Jon Satrom's prepared desktop realtime performance: Windows, Rainbows, & Dinos was a part of the CAA 2010 Live Cinema Summit at Columbia College in Chicago. This is a recording of the realtime performance.
Other performances that evening included: Noisefold, Barbara Lattanzi, Sabine Gruffat & Bill Brown, Robert Martin, Chris Kubick, Jon Satrom, Potter-Belmar Labs, DatalRJ, Black and Jones, Jon Cates, and Alessandro Imperato, hosted by the New Media Caucus, a College Art Association Affiliated Society.
Sisyphian Software by Alessandro Imperato Ph.D.
SCAD Atlanta: Savannah College of Art and Design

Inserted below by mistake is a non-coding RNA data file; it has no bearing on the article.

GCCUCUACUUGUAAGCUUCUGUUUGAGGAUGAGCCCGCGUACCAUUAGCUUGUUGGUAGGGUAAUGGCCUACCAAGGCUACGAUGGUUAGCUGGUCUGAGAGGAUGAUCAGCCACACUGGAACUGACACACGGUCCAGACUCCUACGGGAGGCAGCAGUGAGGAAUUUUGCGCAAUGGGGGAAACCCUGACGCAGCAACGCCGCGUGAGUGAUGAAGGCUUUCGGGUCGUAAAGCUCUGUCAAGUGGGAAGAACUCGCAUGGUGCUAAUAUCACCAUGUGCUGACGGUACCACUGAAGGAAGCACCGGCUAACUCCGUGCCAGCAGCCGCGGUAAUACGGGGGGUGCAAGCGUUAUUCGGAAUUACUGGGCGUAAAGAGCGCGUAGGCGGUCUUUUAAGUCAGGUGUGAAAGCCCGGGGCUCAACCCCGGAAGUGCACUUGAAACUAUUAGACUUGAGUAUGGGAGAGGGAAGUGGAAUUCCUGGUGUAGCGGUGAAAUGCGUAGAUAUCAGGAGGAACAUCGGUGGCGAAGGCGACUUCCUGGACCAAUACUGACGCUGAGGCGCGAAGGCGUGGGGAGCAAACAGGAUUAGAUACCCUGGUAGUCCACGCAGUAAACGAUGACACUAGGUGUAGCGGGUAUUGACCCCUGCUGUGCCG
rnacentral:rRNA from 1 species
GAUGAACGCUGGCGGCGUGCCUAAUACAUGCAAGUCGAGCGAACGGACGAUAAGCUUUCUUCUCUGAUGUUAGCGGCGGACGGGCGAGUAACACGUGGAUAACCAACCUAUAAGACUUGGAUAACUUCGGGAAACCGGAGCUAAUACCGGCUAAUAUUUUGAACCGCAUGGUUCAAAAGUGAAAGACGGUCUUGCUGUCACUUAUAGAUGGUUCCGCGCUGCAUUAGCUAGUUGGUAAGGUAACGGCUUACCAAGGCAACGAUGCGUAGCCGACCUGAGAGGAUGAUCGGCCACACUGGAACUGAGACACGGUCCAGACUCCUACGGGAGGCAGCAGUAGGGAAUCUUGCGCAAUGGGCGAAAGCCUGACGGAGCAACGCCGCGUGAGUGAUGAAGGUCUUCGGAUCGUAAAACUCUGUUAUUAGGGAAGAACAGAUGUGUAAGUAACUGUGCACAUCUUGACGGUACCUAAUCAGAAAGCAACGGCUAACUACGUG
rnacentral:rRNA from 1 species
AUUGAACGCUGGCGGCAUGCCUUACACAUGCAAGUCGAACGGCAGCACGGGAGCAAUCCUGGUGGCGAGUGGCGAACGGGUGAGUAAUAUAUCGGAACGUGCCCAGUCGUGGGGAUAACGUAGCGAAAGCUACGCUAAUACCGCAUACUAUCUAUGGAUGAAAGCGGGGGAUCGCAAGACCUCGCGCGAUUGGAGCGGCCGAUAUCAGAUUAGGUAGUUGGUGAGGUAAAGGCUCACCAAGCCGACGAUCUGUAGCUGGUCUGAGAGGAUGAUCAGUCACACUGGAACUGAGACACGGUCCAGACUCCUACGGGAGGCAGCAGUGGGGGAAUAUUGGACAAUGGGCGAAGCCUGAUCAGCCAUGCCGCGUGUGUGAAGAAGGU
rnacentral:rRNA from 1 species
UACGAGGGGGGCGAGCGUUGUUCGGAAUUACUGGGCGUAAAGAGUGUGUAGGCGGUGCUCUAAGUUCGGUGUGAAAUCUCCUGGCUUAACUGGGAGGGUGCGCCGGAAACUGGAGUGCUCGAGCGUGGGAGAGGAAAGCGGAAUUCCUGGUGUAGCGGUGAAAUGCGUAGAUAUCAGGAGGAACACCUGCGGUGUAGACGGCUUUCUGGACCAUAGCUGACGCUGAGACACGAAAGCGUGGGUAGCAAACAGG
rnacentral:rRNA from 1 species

Jon Satrom performed an intriguing deconstruction of the Mac OSX interface and Microsoft software packages. As a programmer and artist, he uses his abilities to break down the visual interface of what we have come to accept as the access portal to the functions of ‘easy-to-use’ domestic consumer digital software. The act of interfering with this visual language throws up all kinds of issues relating to the power of software companies such as Apple and Microsoft, how they control the way we use digital technology, and the limitations that are created by this closed-source programming environment. The audience gasped with delight as the Mac OSX system began to malfunction and copies of files, folders, blips and noise duplicated and multiplied like a cancer of O’s and 1’s over a desktop stage. The surprising mid-point appearance of two gif-style animated dinosaurs having sex was a hilarious Monty Python-esque surreal injection into the sterile visuality of the software interface. Satrom’s art is a subtle critique and parody of the day-to-day struggle the user experiences when trying to make their computer work for them. The Sisyphean comic-tragedy of attempts at working to control technology can lead to a realization that in the end, it’s all futile because a new function, software variation or re-design will be created to confuse, commoditize and add complexity to the process of getting simple tasks done. Through the artist’s play, work was parodied and fore-grounded. Ironically, the skill and knowledge to perform such an act of futility and pathos requires consummate mastery. The old adage that to pretend to do something badly takes great skill is obvious in Satrom’s ability to transfix the audience on the edge of possible failure. Satrom humanized an otherwise cold machine – this is the human condition of our relationship to technology – as well as a task that many artists who use digital media have to deal with. In his Q&A Satrom claimed that he was influenced by 1990’s net artists such as Jodi and Nato software authored by the Netochka Nezvanova collective, whose website deconstructed computer interfaces and showed the audience how the magician, or wizard behind the screen works. Satrom’s work it is an effective application of Brechtian techniques of ‘making strange’ in revealing the means of digital production and reproduction.